However, at the same time, it seems possible to me that Dan Harmon wants to prove he can be a team player. Given how much Harmon’s auteurism was lauded during Community‘s run, you would have thought that he would have tossed his hat into the ring for pilot season (Edit: Which the comments suggest he has, without any success), or gotten an overall deal with a studio. And while it’s possible he was offered such a thing and turned it down, it also seems very possible to me that other studios got cold feet based on the stories they heard—and in some cases the stories he himself told—about his struggles working within the system of network television production. While it seemed like public knowledge that Chevy Chase was difficult to work with, relieving Harmon of some of the blame from that particular conflict, nothing Sony was expecting of Harmon seemed unreasonable or outside of the norm. And if you’re another studio thinking about working with Harmon in the future, do you really want another Community from the production side, especially given that Harmon’s creative slant tends toward the niche as opposed to the broad audiences broadcast networks are often looking for?
If Sony’s logic is driven by cultural capital, then, Harmon’s is driven by professional capital in an industry where his creativity is only valued in balance with his ability to manage a show effectively. And so I think anyone who reads this report and imagines a scenario where Sony lets Harmon have the same freedoms he had before and the show goes back to its original production culture is likely going to be disappointed with the hypothetical result. If Sony gets back in bed with Dan Harmon, it will be under a carefully outlined agreement that things will be different this time, because it wouldn’t make any sense for them otherwise; if Dan Harmon gets back into bed with Sony, meanwhile, it would be a chance not to fall back into old patterns but to show that he can still be creative within the limitations of budgets and shooting schedules, which may not result in the same kind of ambitious show Community aimed to be in its early season.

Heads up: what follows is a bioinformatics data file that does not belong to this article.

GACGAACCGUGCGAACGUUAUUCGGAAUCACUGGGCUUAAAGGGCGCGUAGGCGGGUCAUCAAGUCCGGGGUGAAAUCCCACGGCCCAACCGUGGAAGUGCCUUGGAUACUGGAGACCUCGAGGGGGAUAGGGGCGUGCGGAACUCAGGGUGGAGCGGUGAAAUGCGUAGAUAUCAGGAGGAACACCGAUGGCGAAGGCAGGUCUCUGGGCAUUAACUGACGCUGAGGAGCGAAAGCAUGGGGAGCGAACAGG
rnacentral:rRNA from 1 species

I would be interested to see Harmon working within these limitations, and I will admit that my interest in Community‘s fifth season—which I’ll watch either way, having never entirely turned against the show during its uneven but inoffensive fourth season—would increase should this relationship be rekindled. I just think that it’s important to consider not simply the promise of returning to the status quo, but rather how that status quo would need to change for this reported possibility to make sense to either party involved.